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Manchester Community College Students Offered Virtual Pet Therapy During Coronavirus

May 4, 2020

Adapting a typically hands-on program for the coronavirus pandemic, Manchester Community College will offer “virtual pet therapy” sessions as students head into final exams next week.

An important part of the college’s stress relief service — being able to pet a dog or cat — will be missing from the video sessions, but pet therapy expert Laurel Rabschutz said just the sights and sounds of the animals could provide some benefit.

“Hopefully, just seeing the dog will help them relax a little,” Rabschutz said of students interacting with her Newfoundland, Wrigley, one of the participating pets. “Of course, he might sleep through the whole thing, too, but we’ll see how it goes.”

Paula Pina, the college’s associate library director, recruited MCC staffers and their dogs and cats for three days of live Webex sessions. Students will be able to talk to the pet owners and ask questions. Monday’s lineup is Lady, Spot and Ziggy; Tuesday’s sessions feature Trix, Tater Tot, Wrigley and Munchie; and on Wednesday, Axa, Nova, Shay, Lola, Kitty, Jack and Teddy.

The college started the program in 2015, partnering with Manchester-based Tails of Joy, a nonprofit network of volunteers and their therapy animals. Students facing the crunch of final exams visited designated classrooms to interact with the pets, and they always emerged feeling better, Pina said.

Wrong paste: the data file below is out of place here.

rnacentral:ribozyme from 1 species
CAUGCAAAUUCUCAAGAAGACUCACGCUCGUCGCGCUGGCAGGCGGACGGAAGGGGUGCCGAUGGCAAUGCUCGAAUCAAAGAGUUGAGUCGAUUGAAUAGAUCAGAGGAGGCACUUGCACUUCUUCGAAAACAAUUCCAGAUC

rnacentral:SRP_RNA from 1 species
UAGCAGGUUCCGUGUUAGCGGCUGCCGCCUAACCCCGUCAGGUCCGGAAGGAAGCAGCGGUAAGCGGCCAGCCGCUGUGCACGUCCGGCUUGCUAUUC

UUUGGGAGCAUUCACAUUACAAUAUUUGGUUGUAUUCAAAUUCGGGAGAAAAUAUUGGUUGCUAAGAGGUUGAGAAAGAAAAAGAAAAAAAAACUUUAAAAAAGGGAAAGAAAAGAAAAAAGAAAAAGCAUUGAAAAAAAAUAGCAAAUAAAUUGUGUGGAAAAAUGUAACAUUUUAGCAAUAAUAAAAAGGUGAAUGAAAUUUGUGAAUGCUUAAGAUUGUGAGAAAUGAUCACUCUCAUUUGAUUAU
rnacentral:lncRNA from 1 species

“It’s one of the most gratifying things I’ve been involved in, just to see the smiles on the students’ faces,” the 22-year MCC veteran said. “It’s just a delight.”

No one’s sure, however, how the virtual therapy sessions will go, said Rabschutz, who coordinates college visits for Tails of Joy.

“This is new territory for all of us,” she said.

But the altered program could open doors for people who cannot personally interact with therapy pets, patients whose immunity is compromised, for instance, Rabschutz said.

“This could be a whole new area for pet therapy,” she said.

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